Rise of Terrorism since 1990: Causes & Major Events

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  • 0:03 Terrorism Since 1990
  • 0:48 Beginnings
  • 3:29 9/11 & War on Terror
  • 6:24 Lesson Summary
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Lesson Transcript
Instructor: Christopher Sailus

Chris has an M.A. in history and taught university and high school history.

In this lesson, we explore the diverse and dangerous rise of terrorism, specifically that sponsored by Islamic extremism, since 1990, as well as the current terrorist threats posed to the world today.

Terrorism Since 1990

A few hundred years ago the warfare Americans engaged in was pretty straightforward: thousands of men lined up across from one another and shot at each other with highly inaccurate, single-shot muskets. A cavalry or infantry charge here or there was common. From these rude beginnings to the smart bombs, machine guns, and laser-guided missiles of today, warfare has changed quite a lot. Even the targets and participants are different. And perhaps no time period has changed as rapidly as the past quarter-century, as terrorism has gone from being an isolated incident to a commonplace, global problem. In this lesson, we'll explore the rise of terrorism in the 1990s and its place in today's world.

Beginnings

Terrorism is the specific targeting of civilians or non-military installations for violence. It did not begin in the 1990s; far from it - terrorism has been around for centuries, and one can even find it as far back as the Roman Empire, when the Zealots of Judea conducted an assassination campaign against Roman officials and any Jews they felt had cooperated with or benefited from Roman occupation. In addition, recent terrorism has not been solely a phenomenon of the Islamic world. In fact, World War I was touched off by an act of terrorism: the 1914 assassination of Austrian Prince Franz Ferdinand by Bosnian nationalists.

However, most of the terrorism Western governments deal with today has far more recent roots. Though there still are acts of domestic terrorism against Western governments, such as the 1995 Oklahoma City bombing or the 1996 bombing of the Atlanta Olympics, the majority of recent terrorist acts have been committed by Islamic extremists. It's important to note that these Islamic extremists strike against Western governments for a wide range of reasons, from America's invasions of Iraq and Afghanistan to the encroachment of Western values upon traditional cultures, to the continued Israeli occupation of the Palestinian West Bank.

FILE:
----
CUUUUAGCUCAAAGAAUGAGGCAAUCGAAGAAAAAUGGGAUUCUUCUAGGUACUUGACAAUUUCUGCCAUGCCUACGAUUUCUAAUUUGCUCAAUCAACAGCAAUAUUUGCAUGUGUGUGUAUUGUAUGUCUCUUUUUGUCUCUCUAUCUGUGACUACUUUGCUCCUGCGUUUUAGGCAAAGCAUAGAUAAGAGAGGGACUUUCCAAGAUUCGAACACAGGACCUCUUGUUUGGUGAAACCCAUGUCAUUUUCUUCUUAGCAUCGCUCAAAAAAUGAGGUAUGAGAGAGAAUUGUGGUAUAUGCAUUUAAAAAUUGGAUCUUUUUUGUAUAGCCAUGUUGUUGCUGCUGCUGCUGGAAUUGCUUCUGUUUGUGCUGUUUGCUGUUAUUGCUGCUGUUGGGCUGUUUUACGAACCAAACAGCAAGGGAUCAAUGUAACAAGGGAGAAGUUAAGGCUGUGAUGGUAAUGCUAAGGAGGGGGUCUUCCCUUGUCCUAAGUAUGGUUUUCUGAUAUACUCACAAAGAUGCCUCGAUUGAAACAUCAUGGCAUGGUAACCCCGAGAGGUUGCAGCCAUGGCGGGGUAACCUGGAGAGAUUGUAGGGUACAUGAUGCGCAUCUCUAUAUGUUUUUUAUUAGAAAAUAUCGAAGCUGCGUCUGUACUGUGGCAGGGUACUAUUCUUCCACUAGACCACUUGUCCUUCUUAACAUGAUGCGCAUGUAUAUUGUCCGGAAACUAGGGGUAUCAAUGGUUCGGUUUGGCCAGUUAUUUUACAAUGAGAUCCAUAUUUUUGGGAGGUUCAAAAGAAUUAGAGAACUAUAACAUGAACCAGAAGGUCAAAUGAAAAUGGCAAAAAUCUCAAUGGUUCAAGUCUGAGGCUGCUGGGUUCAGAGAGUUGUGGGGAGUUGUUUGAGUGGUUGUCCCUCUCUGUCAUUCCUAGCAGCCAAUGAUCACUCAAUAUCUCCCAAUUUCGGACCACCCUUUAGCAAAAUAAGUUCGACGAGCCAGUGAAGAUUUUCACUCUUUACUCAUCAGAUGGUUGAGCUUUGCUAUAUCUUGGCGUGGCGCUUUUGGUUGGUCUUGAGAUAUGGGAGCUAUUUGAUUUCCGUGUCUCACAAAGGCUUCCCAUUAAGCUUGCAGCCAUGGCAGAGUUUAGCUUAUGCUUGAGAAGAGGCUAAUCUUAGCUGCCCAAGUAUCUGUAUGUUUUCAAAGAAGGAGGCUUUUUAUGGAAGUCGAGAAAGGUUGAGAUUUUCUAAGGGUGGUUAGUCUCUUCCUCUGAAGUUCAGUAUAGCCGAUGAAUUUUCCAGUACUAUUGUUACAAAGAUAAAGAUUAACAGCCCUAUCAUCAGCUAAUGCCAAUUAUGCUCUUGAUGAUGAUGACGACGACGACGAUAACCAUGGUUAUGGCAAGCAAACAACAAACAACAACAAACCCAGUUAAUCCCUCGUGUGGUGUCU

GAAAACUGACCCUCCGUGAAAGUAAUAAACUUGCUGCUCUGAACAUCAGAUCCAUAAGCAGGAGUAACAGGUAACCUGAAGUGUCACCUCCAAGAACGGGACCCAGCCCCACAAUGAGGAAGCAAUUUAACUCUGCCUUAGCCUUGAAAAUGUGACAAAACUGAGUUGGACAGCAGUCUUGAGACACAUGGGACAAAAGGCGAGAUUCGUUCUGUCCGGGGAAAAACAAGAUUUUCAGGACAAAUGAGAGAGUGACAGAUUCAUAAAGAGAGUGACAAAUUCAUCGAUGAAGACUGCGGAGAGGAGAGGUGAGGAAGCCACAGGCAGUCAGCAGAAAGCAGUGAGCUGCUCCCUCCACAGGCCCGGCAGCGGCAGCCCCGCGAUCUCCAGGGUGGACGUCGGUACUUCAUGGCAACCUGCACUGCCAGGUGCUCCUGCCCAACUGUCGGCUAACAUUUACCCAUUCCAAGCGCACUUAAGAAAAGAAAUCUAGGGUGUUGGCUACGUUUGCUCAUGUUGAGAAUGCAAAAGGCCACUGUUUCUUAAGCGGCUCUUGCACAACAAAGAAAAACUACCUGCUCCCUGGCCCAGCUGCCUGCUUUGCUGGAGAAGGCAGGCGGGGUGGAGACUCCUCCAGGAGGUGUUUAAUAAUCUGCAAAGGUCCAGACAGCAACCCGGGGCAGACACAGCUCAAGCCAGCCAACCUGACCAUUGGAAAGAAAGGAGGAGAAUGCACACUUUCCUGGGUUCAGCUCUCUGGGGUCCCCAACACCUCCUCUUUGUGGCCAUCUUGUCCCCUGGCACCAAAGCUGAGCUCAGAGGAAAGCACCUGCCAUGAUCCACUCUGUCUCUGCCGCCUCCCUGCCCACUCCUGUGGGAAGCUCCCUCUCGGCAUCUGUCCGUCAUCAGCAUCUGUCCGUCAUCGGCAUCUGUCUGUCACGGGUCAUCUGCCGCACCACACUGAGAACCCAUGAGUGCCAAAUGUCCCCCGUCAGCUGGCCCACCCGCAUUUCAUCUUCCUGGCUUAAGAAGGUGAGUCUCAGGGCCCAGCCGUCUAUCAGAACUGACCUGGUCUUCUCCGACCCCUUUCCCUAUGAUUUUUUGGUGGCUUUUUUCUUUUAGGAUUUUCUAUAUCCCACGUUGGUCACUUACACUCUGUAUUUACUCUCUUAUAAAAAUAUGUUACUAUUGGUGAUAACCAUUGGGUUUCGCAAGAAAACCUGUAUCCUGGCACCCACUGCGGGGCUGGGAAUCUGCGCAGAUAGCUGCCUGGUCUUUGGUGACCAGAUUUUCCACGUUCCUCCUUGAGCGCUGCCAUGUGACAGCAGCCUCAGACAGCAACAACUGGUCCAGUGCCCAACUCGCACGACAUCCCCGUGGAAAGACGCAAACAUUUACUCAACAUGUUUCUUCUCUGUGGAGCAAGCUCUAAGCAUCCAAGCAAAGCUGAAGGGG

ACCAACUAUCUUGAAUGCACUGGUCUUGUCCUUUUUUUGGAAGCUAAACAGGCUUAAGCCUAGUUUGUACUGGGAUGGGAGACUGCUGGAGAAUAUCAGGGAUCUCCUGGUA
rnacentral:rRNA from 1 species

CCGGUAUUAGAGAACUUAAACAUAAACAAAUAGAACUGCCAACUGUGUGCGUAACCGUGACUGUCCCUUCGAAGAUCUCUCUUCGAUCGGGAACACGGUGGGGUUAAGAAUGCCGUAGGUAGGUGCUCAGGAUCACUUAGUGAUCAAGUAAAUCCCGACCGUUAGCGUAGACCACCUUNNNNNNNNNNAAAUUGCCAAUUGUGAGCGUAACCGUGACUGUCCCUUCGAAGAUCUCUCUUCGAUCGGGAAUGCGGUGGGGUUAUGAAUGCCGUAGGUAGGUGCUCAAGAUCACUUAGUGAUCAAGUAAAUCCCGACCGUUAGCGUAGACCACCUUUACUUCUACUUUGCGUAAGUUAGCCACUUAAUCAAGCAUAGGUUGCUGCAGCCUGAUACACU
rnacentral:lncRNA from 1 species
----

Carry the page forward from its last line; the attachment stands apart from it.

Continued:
One of the first and most well-known international Islamic extremist terrorist organizations is al-Qaeda, which literally translates to the base in Arabic. al-Qaeda's leader, Osama bin Laden, and many of his followers came from the Afghani mujahideen, a group that successfully fought the Soviet occupation of Afghanistan in the 1970s and 1980s and, ironically, were funded and trained by CIA operatives.

With the Soviet withdrawal out of Afghanistan in the late 1980s, al-Qaeda began plotting for a global jihad, or holy war, against the Western world. They focused especially on Western influences in the Middle East and Central Asia, which al-Qaeda rejected as corruptible, corrosive, and anathema to their idealist plans for Muslim society. Many devotees, including bin Laden himself, foresaw the return of a Middle Eastern caliphate, a vast Muslim-controlled state that would be governed by Sharia Law, a strict religious code based on a strict reading of the Quran.

To this effect, bin Laden relocated al-Qaeda to Sudan, where he directed several terrorist attacks on the U.S. and other Western government buildings in the Muslim world and elsewhere. The 1993 bombing outside the World Trade Center in New York City killed six, while several bombings in Mumbai, India killed over 250 people in the same year. The bloodiest attack against the United States came in 1998 when the U.S. embassies in Kenya and Tanzania were bombed, killing over 200 people and injuring thousands.

9/11 and War on Terror

Throughout the 1990s, bin Laden continued to recruit new extremists and make new contacts with militant groups across the Muslim world. He relocated to Afghanistan shortly before perpetrating the largest terrorist attack on U.S. soil ever. On September 11, 2001, after several years of planning, four planes were hijacked in the air by al-Qaeda operatives. The first two were flown into the two World Trade Center towers in New York City, both of which collapsed shortly after, and the third was flown into the Pentagon. The fourth crashed in a field in Pennsylvania. Nearly 3,000 Americans died as a result.

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